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LAKE LANIER ISLANDS, Ga.-Employers need to find new ways to use managed care to cut workers compensation costs, a disability manager says.

"You look at your case load and you know it can't be working that well," Michael Cherny, executive vp at Physician Advisors to Disability Managers in Chicago, said of the current programs.

Speaking earlier this month at the Society of Risk Management Consultants' fall conference in Lake Lanier Islands, Ga., Mr. Cherny outlined problems that plague workers comp programs.

First, claims costs continue to rise faster for workers comp than for group health plans, he said. Also, in many downsized companies, each employee has greater value, so the costs of an absence increase, he said. "Companies can no longer afford employees who they've trained to be out of work," he said.

Second, how a patient is treated varies by location in the country and sometimes within a region. This has no medical justification, he said.

Also, people receiving workers comp tend to stay away from work longer than those with the same condition who are not receiving benefits, he said.

For example, he said, one study showed people with the same type of hernia stayed out of work an average of 33.6 days when receiving workers comp, compared with 12.6 days for those in a group health plan.

Another problem is that people receiving workers comp have worse outcomes than non-workers comp patients, Mr. Cherny said. He said a small number of patients in workers comp will be out very long periods and account for a majority of claims costs. Of those patients out longer than six months, only 1% to 2% ever return to the workforce.

A fifth problem is variations in utilization review practices within the same health care company, he said. "You give two reviewers the same set of facts and the chances you get the same decision is less than 50%," he said.

Any successful program to control workers comp costs must address all these issues, he said.

Certain features characterize most managed care workers comp programs, according to Mr. Cherny. These features, however, do not fully address the problems, he said.

Most plans have a system of early notification of an injury. This lowers costs for some injuries but does not address the high-cost patient, he said.

Other features include provider networks, retrospective bill reviewing, precertification of medical procedures, nurse case management and a return-to-work coordinator, adjuster teams and independent medical examinations, Mr. Cherny said.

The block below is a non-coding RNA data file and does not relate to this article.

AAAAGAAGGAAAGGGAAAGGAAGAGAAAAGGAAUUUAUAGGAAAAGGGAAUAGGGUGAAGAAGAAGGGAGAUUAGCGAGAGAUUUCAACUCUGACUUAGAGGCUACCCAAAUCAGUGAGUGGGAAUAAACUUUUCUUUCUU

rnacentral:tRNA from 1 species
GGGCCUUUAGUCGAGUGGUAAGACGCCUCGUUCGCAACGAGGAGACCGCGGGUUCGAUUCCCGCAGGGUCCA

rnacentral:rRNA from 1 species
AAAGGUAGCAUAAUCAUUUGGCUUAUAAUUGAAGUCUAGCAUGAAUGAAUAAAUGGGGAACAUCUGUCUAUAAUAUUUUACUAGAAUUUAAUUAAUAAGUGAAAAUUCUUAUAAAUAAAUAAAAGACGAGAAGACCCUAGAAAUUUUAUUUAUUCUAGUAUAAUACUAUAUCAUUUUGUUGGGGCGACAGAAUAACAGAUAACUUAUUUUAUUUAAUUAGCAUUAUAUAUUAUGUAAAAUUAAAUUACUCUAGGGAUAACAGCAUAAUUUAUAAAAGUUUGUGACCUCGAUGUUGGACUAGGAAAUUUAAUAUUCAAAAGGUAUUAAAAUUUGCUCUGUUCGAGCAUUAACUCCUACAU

He said there are many shortcomings with these types of plans.

First, they ignore differences among providers and claimants, he said. For example, plans generally have provider networks but they rarely require board-certified physicians for certain procedures, he said. Plans also fail to identify workers who might have underlying problems that will lead to large claims, Mr. Cherny said.

One problem with bill reviewing is that it generally is concerned with per unit pricing. A more important figure is per injury pricing, he said.

Controlling costs per visit only causes providers to schedule more visits, he said. "The more you squeeze the physicians, the more they will find ways around it."

A problem with nurse review, he has discovered, is that many don't understand why the high-cost patients don't want to get better. As a result, they become advocates for the patient to receive more treatment rather than getting the patient back to work, he said.

Mr. Cherny proposes an alternative approach. In that system, a claim would be compared immediately with a benchmark for treatment and duration. If that were acceptable to the claimant and his or her treating physician, treatment would start with a pre-negotiated price.

If the plan is not acceptable, a plan physician intervenes immediately to reach an agreement with the treating physician.

"It gets physicians involved who can uniquely communicate with the other physicians," he said.

Mr. Cherny outlined precautions people should take when looking for a managed care workers comp company.

Be careful with intuitive appeal, he advised. "Lots of things make perfect sense" but don't lower costs when applied.

Also, he said, don't assume a company that achieves savings running a small part of the program will match that success with the entire program.

Take a hard look at the savings that companies claim to generate, Mr. Cherny advised. Sometimes, the management fees eat up any savings achieved, he said.

Finally, be skeptical when companies claim low costs, as they often hit employers with hidden charges.

"The pricing of these things is a real big game," Mr. Cherny said.